Shrimp trawler Northguider: Diesel secured

More than 300 tons of die­sel were secu­red until Sunday morning from the shrimp traw­ler Nor­th­gui­der, which is groun­ded in Hin­lo­pen Strait. Pho­to: Kystverket/Küstenwache.

Smal­ler amounts of lub­ri­ca­ti­on oil and other che­mi­cals are still being secu­red, as well as other loo­se items that may harm or lit­ter the envi­ron­ment.

Sal­va­ging the ship its­elf is a total­ly dif­fe­rent ques­ti­on. This will be a major ope­ra­ti­on. How and when this will be done is cur­r­ent­ly an open ques­ti­on.

The owner of Nor­th­gui­der, Opi­lio AS, is respon­si­ble for covere­ring the cos­ts.

Tem­pel­fjord acci­dent 2017: mone­ta­ry penal­ty

In late April 2017, a serious acci­dent hap­pen­ed in Tem­pel­fjord when a group of snow mobi­le tou­rists bro­ke through thin ice. Altog­e­ther 7 per­sons suf­fe­red inju­ries, 6 of them were in the water. 4 of the­se spent up to 48 minu­tes in the ice-cold water. One of them died some days later in the hos­pi­tal in Trom­sø.

The decea­sed was working as a gui­de for the group, who were Rus­si­an tou­rists. The tour was orga­nis­ed by Arc­tic Tra­vel Com­pa­ny Grumant, a daugh­ter com­pa­ny of the Trust Ark­ti­ku­gol. The Trust Ark­ti­ku­gol owns and runs Bar­ents­burg and the coal mine the­re. As employ­er of the gui­de and owner of the tour ope­ra­tor, the Trust Ark­ti­ku­gol is legal­ly final­ly respon­si­ble.

Some years ago, the Trust star­ted to deve­lop tou­rism in Bar­ents­burg to add new eco­no­mi­c­al acti­vi­ties to coal mining, which will obvious­ly not last fore­ver.

In con­nec­tion to the Tem­pel­fjord acci­dent in 2017, the Arc­tic Tra­vel Com­pa­ny Grumant and hence the Trust Ark­ti­ku­gol are accu­sed of not having estab­lis­hed suf­fi­ci­ent safe­ty rou­ti­nes for tra­vel­ling on sea ice inclu­ding fjord ice. No ice thic­kness mea­su­re­ments or other means of estab­li­shing suf­fi­ci­ent safe­ty mar­gins were taken befo­re the group went out on the ice on the fatal trip in 2017.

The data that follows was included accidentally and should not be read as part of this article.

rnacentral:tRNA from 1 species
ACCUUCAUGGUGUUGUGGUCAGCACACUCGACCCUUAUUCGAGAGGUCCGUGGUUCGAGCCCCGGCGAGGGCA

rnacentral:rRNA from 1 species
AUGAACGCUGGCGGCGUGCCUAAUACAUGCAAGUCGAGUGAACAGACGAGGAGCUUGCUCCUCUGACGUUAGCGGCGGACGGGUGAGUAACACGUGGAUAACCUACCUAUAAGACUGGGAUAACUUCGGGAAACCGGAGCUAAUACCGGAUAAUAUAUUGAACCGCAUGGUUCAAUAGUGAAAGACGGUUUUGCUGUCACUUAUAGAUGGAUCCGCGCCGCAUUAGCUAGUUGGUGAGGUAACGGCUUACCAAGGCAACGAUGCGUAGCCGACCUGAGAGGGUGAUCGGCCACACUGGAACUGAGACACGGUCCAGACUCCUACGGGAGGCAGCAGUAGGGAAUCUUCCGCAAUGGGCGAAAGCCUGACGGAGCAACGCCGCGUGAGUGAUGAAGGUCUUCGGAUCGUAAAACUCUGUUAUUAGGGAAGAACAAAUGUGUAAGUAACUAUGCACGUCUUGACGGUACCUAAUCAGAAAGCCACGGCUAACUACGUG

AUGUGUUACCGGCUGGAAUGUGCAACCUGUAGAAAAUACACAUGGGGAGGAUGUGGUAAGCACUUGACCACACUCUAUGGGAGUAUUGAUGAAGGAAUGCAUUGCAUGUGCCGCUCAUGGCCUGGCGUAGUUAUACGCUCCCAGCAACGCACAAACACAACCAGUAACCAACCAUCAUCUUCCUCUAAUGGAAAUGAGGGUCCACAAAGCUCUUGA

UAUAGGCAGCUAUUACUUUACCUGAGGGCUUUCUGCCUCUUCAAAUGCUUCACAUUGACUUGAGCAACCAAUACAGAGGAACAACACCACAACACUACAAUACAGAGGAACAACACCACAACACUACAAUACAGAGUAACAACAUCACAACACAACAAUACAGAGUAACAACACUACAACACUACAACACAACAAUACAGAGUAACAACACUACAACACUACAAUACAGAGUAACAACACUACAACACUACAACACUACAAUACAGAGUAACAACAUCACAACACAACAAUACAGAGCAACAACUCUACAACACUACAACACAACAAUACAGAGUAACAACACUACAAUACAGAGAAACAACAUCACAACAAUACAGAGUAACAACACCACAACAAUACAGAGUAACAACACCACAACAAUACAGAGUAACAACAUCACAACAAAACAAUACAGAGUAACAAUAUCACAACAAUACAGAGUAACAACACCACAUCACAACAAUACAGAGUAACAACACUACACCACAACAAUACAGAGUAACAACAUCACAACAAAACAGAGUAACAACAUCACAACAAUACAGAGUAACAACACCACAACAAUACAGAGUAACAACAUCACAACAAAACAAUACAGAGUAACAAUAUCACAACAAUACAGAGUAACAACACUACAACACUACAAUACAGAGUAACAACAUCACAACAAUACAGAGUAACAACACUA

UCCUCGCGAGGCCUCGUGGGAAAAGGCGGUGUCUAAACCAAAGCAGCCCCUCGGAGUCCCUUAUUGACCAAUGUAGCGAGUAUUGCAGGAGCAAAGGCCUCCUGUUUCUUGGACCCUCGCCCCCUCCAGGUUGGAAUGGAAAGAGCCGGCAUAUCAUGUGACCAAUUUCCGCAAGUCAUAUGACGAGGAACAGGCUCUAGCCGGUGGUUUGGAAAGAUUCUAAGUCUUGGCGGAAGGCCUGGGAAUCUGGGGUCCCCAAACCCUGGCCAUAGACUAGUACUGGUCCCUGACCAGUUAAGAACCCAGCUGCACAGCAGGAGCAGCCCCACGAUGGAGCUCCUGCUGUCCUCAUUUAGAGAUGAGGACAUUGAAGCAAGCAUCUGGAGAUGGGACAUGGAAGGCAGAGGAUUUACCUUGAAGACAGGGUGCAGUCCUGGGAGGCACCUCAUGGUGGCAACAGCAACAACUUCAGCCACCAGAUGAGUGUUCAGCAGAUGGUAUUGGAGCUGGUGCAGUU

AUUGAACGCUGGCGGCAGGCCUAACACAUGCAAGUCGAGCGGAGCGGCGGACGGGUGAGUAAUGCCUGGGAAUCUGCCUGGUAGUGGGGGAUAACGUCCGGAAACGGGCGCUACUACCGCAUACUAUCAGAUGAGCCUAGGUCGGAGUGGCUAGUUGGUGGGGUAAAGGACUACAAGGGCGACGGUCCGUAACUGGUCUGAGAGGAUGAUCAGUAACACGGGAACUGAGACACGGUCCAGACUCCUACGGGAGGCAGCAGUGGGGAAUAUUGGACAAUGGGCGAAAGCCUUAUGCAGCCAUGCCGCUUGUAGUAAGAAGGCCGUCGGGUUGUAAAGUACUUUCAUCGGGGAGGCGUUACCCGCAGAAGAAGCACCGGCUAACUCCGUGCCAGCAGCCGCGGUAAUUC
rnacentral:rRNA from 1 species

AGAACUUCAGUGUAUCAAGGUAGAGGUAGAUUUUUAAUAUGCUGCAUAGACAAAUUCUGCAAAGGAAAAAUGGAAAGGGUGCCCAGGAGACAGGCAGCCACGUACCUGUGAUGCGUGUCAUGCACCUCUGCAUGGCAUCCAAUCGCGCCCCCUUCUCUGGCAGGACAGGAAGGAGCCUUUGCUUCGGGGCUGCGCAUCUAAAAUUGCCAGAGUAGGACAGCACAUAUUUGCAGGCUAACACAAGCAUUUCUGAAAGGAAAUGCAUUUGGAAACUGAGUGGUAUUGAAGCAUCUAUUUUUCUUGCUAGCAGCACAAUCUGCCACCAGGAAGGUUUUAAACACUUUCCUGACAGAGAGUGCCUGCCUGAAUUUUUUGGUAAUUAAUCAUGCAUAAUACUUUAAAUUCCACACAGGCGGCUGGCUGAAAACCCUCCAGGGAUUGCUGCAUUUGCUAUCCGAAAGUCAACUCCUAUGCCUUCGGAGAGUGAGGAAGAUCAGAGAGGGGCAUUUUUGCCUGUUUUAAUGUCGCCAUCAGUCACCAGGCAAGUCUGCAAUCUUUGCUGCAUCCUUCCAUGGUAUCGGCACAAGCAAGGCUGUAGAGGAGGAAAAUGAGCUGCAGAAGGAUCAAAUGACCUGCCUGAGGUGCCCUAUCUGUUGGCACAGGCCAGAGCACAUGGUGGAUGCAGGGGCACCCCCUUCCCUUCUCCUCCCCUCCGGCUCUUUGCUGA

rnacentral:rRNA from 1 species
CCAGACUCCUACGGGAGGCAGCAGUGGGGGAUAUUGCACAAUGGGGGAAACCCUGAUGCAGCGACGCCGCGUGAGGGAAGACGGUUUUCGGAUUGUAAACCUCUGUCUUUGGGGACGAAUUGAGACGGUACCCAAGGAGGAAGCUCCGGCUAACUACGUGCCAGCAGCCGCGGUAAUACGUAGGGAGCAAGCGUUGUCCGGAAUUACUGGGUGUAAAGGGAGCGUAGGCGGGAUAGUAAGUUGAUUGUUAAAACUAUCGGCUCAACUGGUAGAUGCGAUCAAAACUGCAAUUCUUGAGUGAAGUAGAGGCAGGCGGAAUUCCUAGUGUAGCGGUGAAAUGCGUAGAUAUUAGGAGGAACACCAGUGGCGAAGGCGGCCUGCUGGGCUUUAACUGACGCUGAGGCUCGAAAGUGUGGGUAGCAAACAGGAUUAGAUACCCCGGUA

Due to the fatal out­co­me of the acci­dent, which cau­sed 7 per­sons to end up in ice water and one of them to die later, the sta­te advo­ca­te Troms (north Nor­way) has now impo­sed a fine of NOK 150,000 (cur­r­ent­ly ca. Euro 15,300 or US-$ 17,700). The Trust Ark­ti­ku­gol has accep­ted the fine.

Tempelfjord accident 2017: monetary fine

Gla­cier­front of Tuna­b­reen in Tem­pel­fjord: a popu­lar day trip, but the ice can be dan­ge­rous.

The gla­cier front of Tuna­b­reen in Tem­pel­fjord is the high­light of a popu­lar day trip in the late win­ter, but the fjord ice is not as reli­able any­mo­re as it used to be and the clas­si­cal rou­te does not always work any­mo­re. In 2018, the ice con­di­ti­ons were good in Tem­pel­fjord, but in the main sea­son the fjord ice was clo­sed by the Sys­sel­man­nen for moto­ri­sed traf­fic to avoid dis­tur­ban­ce of seals and polar bears who were often seen in that area then.

Storm- and avalan­che warnings in Lon­gye­ar­by­en

The wea­ther fore­cast for the next 2 days pro­mi­ses storm and snow for Lon­gye­ar­by­en. The hig­hest wind speeds are expec­ted for Thurs­day night with velo­ci­ties up to 26 metres per second (90 km/h or 60 mph, for­ce 10 on the Beau­fort sca­le).